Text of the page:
‘The high-voltage board’: Arthur Koestler on chess

‘Chess is a game too noble to be left to the chess-players.’

So wrote Arthur Koestler, covering the Fischer–Spassky match for the Sunday Times in 1972. So bitter had he found the pre-match shenanigans that he likened his job to that of war correspondent. Of his two reports on the match, ‘Reflections of an Addict’, on the ‘scandalous preliminaries’ to Reykjavik, is the most interesting. Snapshots of the players and evocations of the game’s drama and allure reveal a genuine enthusiast, a ‘passionate duffer’. The second report, a narrative of the match itself, concludes with a discussion of computers and artificial intelligence which, forty years on, seems remarkably quaint.

‘Both are wonderfully cast for their roles; Fischer the rugged individualist, adventurous and occasionally reckless both in his life-style and chess-style; Spassky the more benign type of Soviet bureaucrat, cautious, non-committal, evasive.

Poor Bobby. He does not drink, does not read, takes no interest in women, or music, or nature. He lives in hotel rooms out of two large plastic suitcases. A reporter once asked him what chess really meant to him. His reply was: “Everything.”

Only one writer could have invented him: Franz Kafka. Spassky, on the other hand, could be the hero of any Stalin Prize-winning novelist . . . Poor Bobby? Poor Boris. One wonders who is more to be pitied; a state-owned gladiator or a freelance samurai.’

 Arthur Koestler, ‘The Glorious and Bloody Game’,

The Heel of Achilles: Essays 1968–1973 (1976), pp.198, 209


Koestler with wife Cynthia

For all his insight, Koestler is sloppy on chess history. You can sense Edward Winter’s hackles rising as he writes about the ‘Frenchman’ Damiano, ‘world champion’ Morphy, ‘Taimonov’ and trots out hoary canards about ‘insane’ chess players, but he writes vividly on the beauty, violence and almost paranormal properties of the game:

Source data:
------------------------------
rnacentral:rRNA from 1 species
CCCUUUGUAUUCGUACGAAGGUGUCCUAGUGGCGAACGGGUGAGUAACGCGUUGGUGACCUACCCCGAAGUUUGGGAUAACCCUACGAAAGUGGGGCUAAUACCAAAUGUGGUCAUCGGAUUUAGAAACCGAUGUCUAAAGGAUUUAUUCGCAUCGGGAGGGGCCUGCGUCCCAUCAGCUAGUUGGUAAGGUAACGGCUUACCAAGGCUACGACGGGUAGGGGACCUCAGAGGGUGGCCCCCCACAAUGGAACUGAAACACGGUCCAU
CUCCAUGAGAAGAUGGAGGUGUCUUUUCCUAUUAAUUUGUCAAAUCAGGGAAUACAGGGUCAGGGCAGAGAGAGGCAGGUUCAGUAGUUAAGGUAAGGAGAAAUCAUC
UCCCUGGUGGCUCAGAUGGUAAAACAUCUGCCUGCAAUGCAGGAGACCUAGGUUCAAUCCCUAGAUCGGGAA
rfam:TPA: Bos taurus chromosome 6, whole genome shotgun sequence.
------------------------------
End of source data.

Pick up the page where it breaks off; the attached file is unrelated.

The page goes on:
‘ . . . chess is the perfect paradigm for both the glory and the bloodiness of the human mind. On the one hand, an exercise in pure imagination happily married to logic, staged as a ballet of symbolic figures on a mosaic of sixty-four squares; on the other hand, a gladiatorial contest. (p.196)

. . . each chessman, whether bishop, rook, knight or queen, embodies a dynamic threat, as if it were alive and animated by the desire to inflict maximum damage (by attack or defence) on the opponent’s men. When a chess-player looks at the board, he does not see a static mosaic, a “still-life”, but a magnetic field of forces, charged with energy – as Faraday saw the stresses surrounding magnets and currents as curves in space, or as Van Gogh saw vortices in the skies of Provence. Thus there is a strong element of animism and magic in the game.’ (p.200)

It’s a theme that Kasparov takes up in his purple preamble to Korchnoi–Kasparov (Lucerne 1982):

‘ . . . It can happen that the pieces as though receive an invisible impulse from the players, come alive, and begin to live their own lives. And when the energy invested by both sides reaches a critical point, the game begins to develop according to laws unknown to anyone, and it is no longer possible to control its course. The flood of concentrated chess thought washes away the usual contours of the board, and after twisting the pieces into violent pandemonium, it crashes down the depths of chess art.’

The Test of Time (1986), p.129

Koestler’s masterpiece

Koestler proudly declares himself a member of the fraternity of  ‘Passionate Duffers’. ‘We worship Caissa, the Muse of Chess, but owing to the inadequacy of our mental equipment can never hope to attain to her favours, condemned as we are to remain lifelong amateurs in the double meaning of that word: dilettantes and aficionados’ (p.195).

‘In the weeks to come we shall have the opportunity of watching two men facing each other in silence across the high-voltage board, where every move could make the fuses blow, each in a kind of waking trance, making the figures form a poetic dance which exists only in their mind’s eye, then mentally rearranging them in a different configuration, and yet another one, variation upon variation, while the ballet-master himself remains immobile and the kaleidoscopic changes of scenery all take place inside his skull.

While the game is on, it is only the choreography that matters – aggression is sublimated into dazzling acrobatics. There may be more unedifying episodes to come, but whatever happens, the fraternity of Passionate Duffers craves your indulgence for the magicians of the glorious and bloody game . . . ’  (p.202)

Display photograph: The British Library Board, Fay Goodwin Collection

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